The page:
Lu TX, Dapas M, Lin E, Peters T, Sakuraba A

The influence of proton-pump inhibitor therapy on the outcome of infliximab therapy in inflammatory bowel disease: A patient-level meta-analysis of randomized controlled studies

Objective: In treating patients with inflammatory bowel disease (IBD), how concomitant medications influence the response to infliximab is largely unexplored. The aim of this study was to evaluate whether proton-pump inhibitors (PPIs) affect the response to infliximab therapy in patients with IBD.
Design: Patient-level data of adult patients with moderate-to-severe IBD treated with infliximab were obtained from the Yale Open Data Access Framework. Multivariable analysis and propensity score-matched analysis were performed to assess week 30 remission rates, week 54 remission rates and hospitalization rates in patients on infliximab therapy with and without PPI exposure.
Results: Among the 5 randomized controlled studies, there were 147 and 889 patients on infliximab with and without PPI therapy, respectively. Patients on PPI were older, more likely to be Caucasian and were less likely to be on immunomodulator therapy. Patients on PPI were significantly less likely to achieve week 30 remission on multivariable analysis (odds ratio = 0.45, p < 0.001). Following propensity score matching adjusting for baseline difference in patient characteristics, the week 30 remission rates were 30% and 49% in patients with and without PPI therapy, respectively (p < 0.001). Analyzing separately for disease, the findings remained statistically significant in Crohn's disease but did not reach significance in ulcerative colitis. Similar results were seen with week 54 remission rates. Patients on PPI were also more likely to be hospitalized (15% vs. 8%, p = 0.007). Rates of adverse events such as gastroenteritis were not different between the 2 groups.

Conclusion: In this patient-level meta-analysis of randomized controlled studies, the authors found that patients with inflammatory bowel disease (IBD) taking proton-pump inhibitors (PPIs) were less likely to achieve remission while on infliximab therapy. The results of this study warrant further investigation into the effect of PPIs on IBD outcomes and therapies.

A. Sakuraba, M.D., Ph.D., Associate Professor of Medicine, Inflammatory Bowel Disease Center, University of Chicago Medicine, 5841 S. Maryland Avenue, Chicago, IL 60637, USA,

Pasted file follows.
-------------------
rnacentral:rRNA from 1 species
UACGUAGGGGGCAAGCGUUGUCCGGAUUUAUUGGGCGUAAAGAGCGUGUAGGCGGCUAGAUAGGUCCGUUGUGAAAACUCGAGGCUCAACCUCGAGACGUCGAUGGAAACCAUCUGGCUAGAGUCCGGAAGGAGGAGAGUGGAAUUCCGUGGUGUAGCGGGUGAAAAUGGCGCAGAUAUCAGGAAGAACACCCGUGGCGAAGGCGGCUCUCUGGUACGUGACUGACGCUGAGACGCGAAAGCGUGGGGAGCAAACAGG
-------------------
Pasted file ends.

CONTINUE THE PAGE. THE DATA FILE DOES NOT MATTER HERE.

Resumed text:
E-Mail: asakurab@medicine.bsd.uchicago.edu



N Engl J Med. 2021;385(17):1559–69

Sanyal AJ, Van Natta ML, Clark J, Neuschwander-Tetri BA, Diehl AM, Dasarathy S, Loomba R, Chalasani N, Kowdley K, Hameed B, Wilson LA, Yates KP, Belt P, Lazo M, Kleiner DE, Behling C, Tonascia J; NASH Clinical Research Network (CRN)

Prospective study of outcomes in adults with non-alcoholic fatty liver disease

Background: The prognoses with respect to mortality and hepatic and non-hepatic outcomes across the histologic spectrum of non-alcoholic fatty liver disease (NAFLD) are not well defined.
Methods: The authors prospectively followed a multicenter patient population that included the full histologic spectrum of NAFLD. The incidences of death and other outcomes were compared across baseline histologic characteristics.
Results: A total of 1773 adults with NAFLD were followed for a median of 4 years. All-cause mortality increased with increasing fibrosis stages (0.32 deaths per 100 person-years for stage F0 to F2 [no, mild, or moderate fibrosis], 0.89 deaths per 100 persons-years for stage F3 [bridging fibrosis], and 1.76 deaths per 100 person-years for stage F4 [cirrhosis]). The incidence of liver-related complications per 100 person-years increased with fibrosis stage (F0 to F2 vs. F3 vs. F4) as follows: variceal hemorrhage (0.00 vs. 0.06 vs. 0.70), ascites (0.04 vs. 0.52 vs. 1.20), encephalopathy (0.02 vs. 0.75 vs. 2.39), and hepatocellular cancer (0.04 vs. 0.34 vs. 0.14). As compared with patients with stage F0 to F2 fibrosis, patients with stage F4 fibrosis also had a higher incidence of type 2 diabetes (7.53 vs. 4.45 events per 100 person-years) and a decrease of more than 40% in the estimated glomerular filtration rate (2.98 vs. 0.97 events per 100 person-years). The incidence of cardiac events and non-hepatic cancers were similar across fibrosis stages. After adjustment for age, sex, race, diabetes status, and baseline histologic severity, the incidence of any hepatic decompensation event (variceal hemorrhage, ascites, or encephalopathy) was associated with increased all-cause mortality (adjusted hazard ratio = 6.8; 95% confidence interval: 2.2–21.3).

Conclusions: In this prospective study involving patients with non-alcoholic fatty liver disease, fibrosis stages F3 and F4 were associated with increased risks of liver-related complications and death.

A.J. Sanyal, M.D., Professor of Medicine, Division of Gastroenterology, Hepatology and Nutrition, Department of Internal Medicine, Virginia Commonwealth University School of Medicine, 1220 E. Broad Street, Richmond, VA 23298-0565, USA,

E-Mail: arun.sanyal@vcuhealth.org


J Hepatol. 2021;75(5):1026–33